By Joe Levi | August 16, 2013 11:47 AM
Three weeks ago Google announced the new version of its 7-inch tablet, the 2013 Nexus 7. It came to the Play Store and other resellers in two versions: 16GB and 32GB. Both were WiFi only. The LTE version, according to the announcement, will arrive in “the coming weeks”. We are now just five days short of one month later, and there’s still no sign of the LTE Nexus 7.
I’m not complaining, I’m simply pointing out that the weeks are ticking by. Technically, Google has up to eight weeks before its “coming weeks” statement is wrong (at that point it should have been “the coming months”). Even still, here we are, and I still haven’t even touched a 2013 Nexus 7. That’s okay though, there are several reasons why a person may not have picked up their own 2013 Nexus 7. Let’s look at a few of them.
Every new product is going to have bugs. That’s just the way things are today. Luckily for us, most of these bugs can be identified quickly and resolved by over-the-air software updates.
The 2013 Nexus 7 isn’t immune from this simple, but inconvenient fact. Recently we’ve heard of complaints from early adopters experiencing unexpected behavior with multi-touch and GPS. Many users are taking the hiccups in stride, even cracking jokes that hail back to Apple’s Antennagate.
If you’ve put off buying a 2013 Nexus 7, by the time you finally pick yours up, chances are that Google will have already fixed the bugs that the early adopters identified.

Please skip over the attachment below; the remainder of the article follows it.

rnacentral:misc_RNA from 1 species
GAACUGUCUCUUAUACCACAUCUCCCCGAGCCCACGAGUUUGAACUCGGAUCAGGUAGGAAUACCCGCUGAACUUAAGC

The old Nexus 7
I also have the previous version of the Nexus 7. It was getting painful to use. Now that Android 4.3 has come out and I performed a factory reset on my old tablet, it’s working very well! I’m sure others have had the same experience and just aren’t motivated to upgrade because their old tablet still works just fine.
This is one of those things where many companies would hold off on releasing software updates for their old hardware to reduce the likelihood of cannibalizing sales of their new hardware. Google has been guilty of that in the past, but so have its competitors. This time around, Google released the over-the-air updates for the old devices almost immediately. Good job, Google!
I mentioned it before, it seems almost sacrilege that I, Joe the Android Guy™, don’t have the latest Android-powered flagship tablet from Google. I’m happy with my decision to wait. Even if I don’t end up switching my daily driver from the Nexus 4 to the 2013 LTE Nexus 7 after I get one, I still want to be able to do so. That’s something I can’t do with the WiFi version unless I also carry around another device for tethering through.
That’s why I’m waiting for the LTE version of the tablet to be released. Hopefully we won’t have to wait too much longer, but I think it will be worth the wait — even if I don’t end up using the LTE features all the time.
What about you?
Are you like me and have been holding off your purchase of the 2013 Nexus 7 until the LTE version becomes available? How long did you interpret “the coming weeks” to be? How much longer are you willing to wait? Let us know your thoughts in the comments below!